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Institution C58


3 - 4 years Full Time

Entry Requirements and Fees

2020/21 UK fee: £9,250

2020/21 International fee: £13,500

For further details about fees, please see our Tuition Fee page.

Typical Offer (individual offers may vary):

Tariff points: 96 - 112

A levels: BBC - CCC (including Mathematics)

BTEC: DMM - MMM (including Engineering, Maths or Science)

GCSEs: Mathematics at grade C or better

International Baccalaureate: 28 points (including Higher Mathematics and a science)

Candidates may also request an interview after which they may receive a revised, more targeted offer.

Not sure you can reach these entry requirements? Take a look at our integrated foundation year.

Course content

To design and analyse the performance of sporting equipment requires mechanical engineering, electronic engineering, materials science, product-design and sports science. 

Our Sports Engineering degree recognises this need for wide knowledge and skills and runs interdisciplinary design-build-test projects, allowing sports engineering students to work with other engineering, science and design students to provide a wide exposure to knowledge and skills.

Sports Engineering BEng. (Hons) aims to provide the student with the scientific foundations, practical skills and techniques to enable them to make a constructive contribution to the world, by designing, building and using sporting equipment.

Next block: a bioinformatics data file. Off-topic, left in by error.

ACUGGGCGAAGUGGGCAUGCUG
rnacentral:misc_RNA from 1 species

Sports Engineering is an applied subject and the course is based around applied workshop learning; seminars with demonstrations; practical and lab work and design-build challenges.

Each academic year of the BEng. (Hons) Sports Engineering degree centres on a two-semester long design-build challenge. The knowledge and techniques applied in design-build challenges are gained in workshops/seminars and practical/lab based modules that are specific to sports engineering.

Design-build challenges start with a design brief, to which students apply the Conceive-Design-Implement-Operate (CDIO) engineering cycle. In the first year of study, students take part in a team CDIO challenge with other students from the sports engineering cohort.

The second year CDIO challenge is an interdisciplinary team challenge, where students work to a design brief with students from other engineering cohorts.

In the final year, students work on an individual project and present their work to other engineers and to a non-technical audience.

The course contains the many specialist modules required to provide a breadth knowledge and skills needed for a career in engineering and science:  The first year students will study engineering mathematics along with modules on mechanics, materials and thermodynamics. They will also study biomechanics and physiology, electronics and computer programming.